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In order for children to become good readers, they need to be provided with many opportunities to hear fluent reading. Not only does it help them to develop appropriate expression and intonation, but it also helps them to build vocabulary, comprehension, and their understanding of "concepts of print." Ideally, students are read to on a consistent daily basis. For students who attend traditional brick and mortar schools, models of fluent reading come in the form of the classroom teacher, the school librarian, classmates, and occasionally, guest readers. In many schools, students in 3rd or 4th grades enjoy visiting the kindergarten or first grades classrooms once a week to read aloud to younger "reading buddies," because teachers recognize the benefits of children hearing multiple models of fluent reading.
In a virtual learning environment, such as Wisconsin Virtual Learning, a public charter school that provides distance learning to students who work at home with their parents, there are fewer opportunities for teachers to read aloud to students. The students attend school at home, with parents as their learning coaches. In this educational setting, it is ideal if parents read aloud to their students on a consistent daily basis. Unfortunately, this is not always the situation.
Parents choose this type of learning environment for their children for a variety of reasons. All do so because they want to provide an individualized and exceptional learning experience for their children. Additionally, some parents choose this model of education because they had unsuccessful or unhappy elementary school experiences themselves and want to avoid that for their children. They may be reluctant readers, and their homes may not be print-rich environments.
Children enrolled in a virtual elementary school may not have the same exposure to multiple models of fluent reading that children in brick and mortar settings may have, and as a result, many children fail to reach their highest potential in reading ability.
I propose that a short program of training for these parents that educates them on the importance of reading aloud, teaches them techniques in reading aloud, and requires them to record how often they read to their children, will result in a higher incidence of reading aloud to children in the home setting. The ultimate outcome will be better readers.
Reading Aloud: Increasing the Time Spent by Parents in a Home School Environment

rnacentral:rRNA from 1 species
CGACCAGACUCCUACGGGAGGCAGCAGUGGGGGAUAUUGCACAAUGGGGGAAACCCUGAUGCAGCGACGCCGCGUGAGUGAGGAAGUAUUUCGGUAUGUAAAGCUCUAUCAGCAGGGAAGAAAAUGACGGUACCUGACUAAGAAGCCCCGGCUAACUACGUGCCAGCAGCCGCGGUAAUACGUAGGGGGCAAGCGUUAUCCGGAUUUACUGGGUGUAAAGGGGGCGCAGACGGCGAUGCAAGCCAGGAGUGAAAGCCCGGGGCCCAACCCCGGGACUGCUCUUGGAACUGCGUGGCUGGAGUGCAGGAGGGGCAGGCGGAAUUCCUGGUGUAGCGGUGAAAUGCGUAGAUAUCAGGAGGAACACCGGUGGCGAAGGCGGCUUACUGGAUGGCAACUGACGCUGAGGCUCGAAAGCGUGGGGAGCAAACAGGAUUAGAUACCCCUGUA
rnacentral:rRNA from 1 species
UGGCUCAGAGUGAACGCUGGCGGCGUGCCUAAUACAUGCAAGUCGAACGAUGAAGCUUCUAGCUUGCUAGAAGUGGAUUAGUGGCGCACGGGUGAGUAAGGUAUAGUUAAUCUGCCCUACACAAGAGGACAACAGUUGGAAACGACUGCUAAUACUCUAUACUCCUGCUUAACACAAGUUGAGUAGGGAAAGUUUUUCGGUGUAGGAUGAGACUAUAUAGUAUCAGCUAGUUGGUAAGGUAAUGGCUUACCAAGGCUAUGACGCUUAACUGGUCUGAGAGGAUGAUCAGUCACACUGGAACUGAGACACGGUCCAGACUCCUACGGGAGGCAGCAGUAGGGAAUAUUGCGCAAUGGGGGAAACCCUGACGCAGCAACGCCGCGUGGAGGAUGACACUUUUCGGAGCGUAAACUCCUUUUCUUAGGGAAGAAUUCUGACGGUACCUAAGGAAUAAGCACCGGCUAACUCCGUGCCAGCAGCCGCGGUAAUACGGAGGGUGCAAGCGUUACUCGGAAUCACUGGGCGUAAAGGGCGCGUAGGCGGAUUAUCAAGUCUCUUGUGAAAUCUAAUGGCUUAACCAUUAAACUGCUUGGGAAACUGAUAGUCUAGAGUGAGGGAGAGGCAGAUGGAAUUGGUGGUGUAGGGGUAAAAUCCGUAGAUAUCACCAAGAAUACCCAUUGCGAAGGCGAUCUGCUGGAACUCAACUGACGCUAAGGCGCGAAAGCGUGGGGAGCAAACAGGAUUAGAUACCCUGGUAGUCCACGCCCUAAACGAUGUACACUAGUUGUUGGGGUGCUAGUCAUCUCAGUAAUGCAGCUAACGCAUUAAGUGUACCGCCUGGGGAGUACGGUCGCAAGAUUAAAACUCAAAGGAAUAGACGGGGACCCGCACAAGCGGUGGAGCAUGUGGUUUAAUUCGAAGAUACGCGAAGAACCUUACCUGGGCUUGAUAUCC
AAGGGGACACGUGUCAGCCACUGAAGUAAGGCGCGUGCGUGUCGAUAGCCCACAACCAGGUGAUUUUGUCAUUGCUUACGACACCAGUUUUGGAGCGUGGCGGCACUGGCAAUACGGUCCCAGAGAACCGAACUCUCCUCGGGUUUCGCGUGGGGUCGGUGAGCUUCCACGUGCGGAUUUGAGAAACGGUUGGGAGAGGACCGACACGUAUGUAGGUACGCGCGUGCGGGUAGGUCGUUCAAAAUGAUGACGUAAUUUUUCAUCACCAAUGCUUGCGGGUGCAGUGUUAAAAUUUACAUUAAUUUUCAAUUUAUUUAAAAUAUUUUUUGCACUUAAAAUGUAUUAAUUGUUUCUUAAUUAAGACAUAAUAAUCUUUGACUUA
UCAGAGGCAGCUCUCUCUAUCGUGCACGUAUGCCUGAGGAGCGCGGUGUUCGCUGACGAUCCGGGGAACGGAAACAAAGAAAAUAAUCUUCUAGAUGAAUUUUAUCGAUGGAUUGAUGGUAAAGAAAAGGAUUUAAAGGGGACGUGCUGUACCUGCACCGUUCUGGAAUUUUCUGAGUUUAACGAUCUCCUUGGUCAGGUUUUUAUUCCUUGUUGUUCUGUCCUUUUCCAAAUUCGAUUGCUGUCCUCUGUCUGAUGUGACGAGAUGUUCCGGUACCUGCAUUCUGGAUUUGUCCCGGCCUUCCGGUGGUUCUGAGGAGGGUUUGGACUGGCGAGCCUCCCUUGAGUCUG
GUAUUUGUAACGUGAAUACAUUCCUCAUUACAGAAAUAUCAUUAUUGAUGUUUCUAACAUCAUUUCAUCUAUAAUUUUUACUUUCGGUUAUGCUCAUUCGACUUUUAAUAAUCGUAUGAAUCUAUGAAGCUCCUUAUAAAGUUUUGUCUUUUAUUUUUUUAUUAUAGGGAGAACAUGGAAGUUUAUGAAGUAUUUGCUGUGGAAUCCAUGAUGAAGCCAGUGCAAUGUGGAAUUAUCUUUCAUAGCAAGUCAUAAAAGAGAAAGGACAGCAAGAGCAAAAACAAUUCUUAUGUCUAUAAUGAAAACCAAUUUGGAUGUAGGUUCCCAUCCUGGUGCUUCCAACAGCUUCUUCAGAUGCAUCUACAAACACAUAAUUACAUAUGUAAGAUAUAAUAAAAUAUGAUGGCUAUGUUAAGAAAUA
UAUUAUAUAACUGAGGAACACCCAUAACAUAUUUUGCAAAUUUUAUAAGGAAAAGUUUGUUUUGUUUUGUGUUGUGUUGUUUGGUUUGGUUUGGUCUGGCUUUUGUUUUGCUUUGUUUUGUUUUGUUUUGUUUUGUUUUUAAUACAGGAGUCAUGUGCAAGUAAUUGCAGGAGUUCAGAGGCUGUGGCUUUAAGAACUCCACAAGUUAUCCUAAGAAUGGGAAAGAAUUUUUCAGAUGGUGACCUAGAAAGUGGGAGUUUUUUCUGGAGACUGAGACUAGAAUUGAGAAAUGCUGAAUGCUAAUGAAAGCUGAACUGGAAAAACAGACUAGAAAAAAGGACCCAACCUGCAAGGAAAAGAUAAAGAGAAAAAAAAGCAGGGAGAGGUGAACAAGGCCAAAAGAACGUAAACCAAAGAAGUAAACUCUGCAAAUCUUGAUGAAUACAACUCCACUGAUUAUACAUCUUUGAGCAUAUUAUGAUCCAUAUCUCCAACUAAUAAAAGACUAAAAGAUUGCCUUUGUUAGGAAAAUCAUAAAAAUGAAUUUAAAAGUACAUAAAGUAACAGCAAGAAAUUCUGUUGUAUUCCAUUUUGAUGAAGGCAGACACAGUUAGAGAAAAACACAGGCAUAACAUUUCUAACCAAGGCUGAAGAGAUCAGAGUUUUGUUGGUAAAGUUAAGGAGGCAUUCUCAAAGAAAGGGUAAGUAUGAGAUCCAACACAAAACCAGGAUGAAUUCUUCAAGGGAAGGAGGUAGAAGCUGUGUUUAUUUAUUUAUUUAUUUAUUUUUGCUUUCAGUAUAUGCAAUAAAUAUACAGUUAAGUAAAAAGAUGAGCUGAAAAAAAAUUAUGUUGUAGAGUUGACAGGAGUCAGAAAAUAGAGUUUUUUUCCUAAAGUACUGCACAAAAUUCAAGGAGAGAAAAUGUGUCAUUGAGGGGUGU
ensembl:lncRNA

Research strongly suggests that reading aloud to children contributes to reading development and achievement (Anderson, Hiebert, Scott, & Wilkinson, 1985; Bus, van Ijzendoorn, & Pellegrini, 1995). Other studies have found that reading aloud accounted for only a small variance in reading ability (Scarborough and Dobrich (1994). Further research (Dickinson and Tabors, 2001) suggests that specific behaviors by the readers during read-aloud sessions account for the differences in the findings. Simply put, "the way books are shared with children matters" (McGee & Schickedanz, 2007, p. 742).
Elementary teachers are aware of the importance of reading aloud and do so daily in their brick and mortar classrooms. In a virtual school, however, there are fewer opportunities for teachers to do this. Students who are enrolled in virtual schools typically attend some synchronous classes, but the majority of their school work is done under the guidance of their parents in their homes.
The number of students being educated in this manner is soaring. In 2005, the U.S. Department of Education announced the release of a historic study featuring first-ever data on distance education, and reported that 36% of public school districts had students enrolled in online education courses in 2002-03. (find study citation)
With parents taking on a greater role in the education of their children, it is important that they understand the importance of reading aloud, as well as those methods and strategies that make reading aloud an effective tool for teaching vocabulary, print awareness, comprehension, and >>>>>>>>>>>. Parents should also be made aware of the importance of providing a wealth of reading materials in their homes, as this has been found to be a primary factor in motivating students to read (Trelease, 2006).
Although substantial research efforts have been devoted to examining the effects of reading aloud, only a few researchers have developed and tested specific techniques for reading aloud to children. Three methods that have emerged as particularly compelling approaches to reading aloud are dialogic reading (Whitehurst, Arnold, Epstein, & Angell, 1994), text talk (Beck & McKeown, 2001), and print referencing (Ezell & Justice, 2000).
Kindle (2009) described instructional strategies during read-alouds that aid in the development of vocabulary. Some of these include questioning, providing definitions, synonyms, and examples, clarifying and extending students' responses, labeling, imagery, and morphemic analysis.
Lane and Wright (2007) discuss these three strategies and give examples. The text talk strategy adapted from Beck and McKeown (2001) focuses on vocabulary development. This strategy calls for the adult to ask children to repeat newly learned words and discuss their meanings. Lane and Wright describe print referencing, which "refers to the verbal and non-verbal cues, such as tracking printing or point to print in pictures, adults use to call children's attention to important aspects of the text" (p. 672). The third method, dialogic reading, (developed by Whitehurst, et. al, 1994) focuses on actively engaging the child during the book by asking "what" questions and helping the child to make connections to their own life experiences.